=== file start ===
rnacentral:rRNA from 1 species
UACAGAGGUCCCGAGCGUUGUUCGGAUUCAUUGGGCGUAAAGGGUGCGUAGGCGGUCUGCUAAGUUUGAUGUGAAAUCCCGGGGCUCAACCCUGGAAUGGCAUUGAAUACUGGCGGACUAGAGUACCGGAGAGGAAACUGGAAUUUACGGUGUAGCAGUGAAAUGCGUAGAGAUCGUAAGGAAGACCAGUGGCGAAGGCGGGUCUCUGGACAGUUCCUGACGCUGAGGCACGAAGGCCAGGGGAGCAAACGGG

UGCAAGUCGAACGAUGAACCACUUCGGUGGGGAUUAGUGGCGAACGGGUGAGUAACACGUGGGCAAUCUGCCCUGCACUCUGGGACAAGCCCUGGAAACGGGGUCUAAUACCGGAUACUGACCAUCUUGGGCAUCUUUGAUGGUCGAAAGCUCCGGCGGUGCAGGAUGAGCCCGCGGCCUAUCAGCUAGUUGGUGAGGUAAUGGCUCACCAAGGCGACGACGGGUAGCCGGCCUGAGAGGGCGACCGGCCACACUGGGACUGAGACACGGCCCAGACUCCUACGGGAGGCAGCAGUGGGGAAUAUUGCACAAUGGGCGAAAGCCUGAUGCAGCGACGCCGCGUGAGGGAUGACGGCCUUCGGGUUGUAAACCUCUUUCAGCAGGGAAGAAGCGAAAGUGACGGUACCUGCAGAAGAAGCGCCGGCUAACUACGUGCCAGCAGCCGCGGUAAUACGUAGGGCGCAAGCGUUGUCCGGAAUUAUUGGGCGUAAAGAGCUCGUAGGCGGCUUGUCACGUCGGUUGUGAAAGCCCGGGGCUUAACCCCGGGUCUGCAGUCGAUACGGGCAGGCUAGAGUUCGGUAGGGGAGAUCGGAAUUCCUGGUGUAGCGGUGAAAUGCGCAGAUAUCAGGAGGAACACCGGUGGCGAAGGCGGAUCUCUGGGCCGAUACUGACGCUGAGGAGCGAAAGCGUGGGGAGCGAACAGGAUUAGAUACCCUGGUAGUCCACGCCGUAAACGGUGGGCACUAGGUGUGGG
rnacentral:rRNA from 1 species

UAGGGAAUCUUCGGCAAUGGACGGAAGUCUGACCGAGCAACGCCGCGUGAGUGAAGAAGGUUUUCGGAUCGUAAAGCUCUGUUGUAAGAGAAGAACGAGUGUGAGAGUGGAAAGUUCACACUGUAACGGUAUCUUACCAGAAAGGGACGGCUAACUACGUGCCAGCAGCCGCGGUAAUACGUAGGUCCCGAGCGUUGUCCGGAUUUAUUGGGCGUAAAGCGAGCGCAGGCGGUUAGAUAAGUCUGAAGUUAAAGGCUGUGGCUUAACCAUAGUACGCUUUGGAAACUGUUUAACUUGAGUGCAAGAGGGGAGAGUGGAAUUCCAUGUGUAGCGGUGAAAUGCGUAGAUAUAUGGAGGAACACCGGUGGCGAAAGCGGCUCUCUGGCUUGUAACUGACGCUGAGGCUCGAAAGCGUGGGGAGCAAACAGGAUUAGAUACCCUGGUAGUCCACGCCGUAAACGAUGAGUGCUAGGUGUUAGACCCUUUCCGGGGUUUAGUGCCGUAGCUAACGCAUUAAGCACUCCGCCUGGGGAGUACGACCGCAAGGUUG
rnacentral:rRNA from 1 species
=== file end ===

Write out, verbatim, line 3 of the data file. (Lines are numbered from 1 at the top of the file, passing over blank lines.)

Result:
UGCAAGUCGAACGAUGAACCACUUCGGUGGGGAUUAGUGGCGAACGGGUGAGUAACACGUGGGCAAUCUGCCCUGCACUCUGGGACAAGCCCUGGAAACGGGGUCUAAUACCGGAUACUGACCAUCUUGGGCAUCUUUGAUGGUCGAAAGCUCCGGCGGUGCAGGAUGAGCCCGCGGCCUAUCAGCUAGUUGGUGAGGUAAUGGCUCACCAAGGCGACGACGGGUAGCCGGCCUGAGAGGGCGACCGGCCACACUGGGACUGAGACACGGCCCAGACUCCUACGGGAGGCAGCAGUGGGGAAUAUUGCACAAUGGGCGAAAGCCUGAUGCAGCGACGCCGCGUGAGGGAUGACGGCCUUCGGGUUGUAAACCUCUUUCAGCAGGGAAGAAGCGAAAGUGACGGUACCUGCAGAAGAAGCGCCGGCUAACUACGUGCCAGCAGCCGCGGUAAUACGUAGGGCGCAAGCGUUGUCCGGAAUUAUUGGGCGUAAAGAGCUCGUAGGCGGCUUGUCACGUCGGUUGUGAAAGCCCGGGGCUUAACCCCGGGUCUGCAGUCGAUACGGGCAGGCUAGAGUUCGGUAGGGGAGAUCGGAAUUCCUGGUGUAGCGGUGAAAUGCGCAGAUAUCAGGAGGAACACCGGUGGCGAAGGCGGAUCUCUGGGCCGAUACUGACGCUGAGGAGCGAAAGCGUGGGGAGCGAACAGGAUUAGAUACCCUGGUAGUCCACGCCGUAAACGGUGGGCACUAGGUGUGGG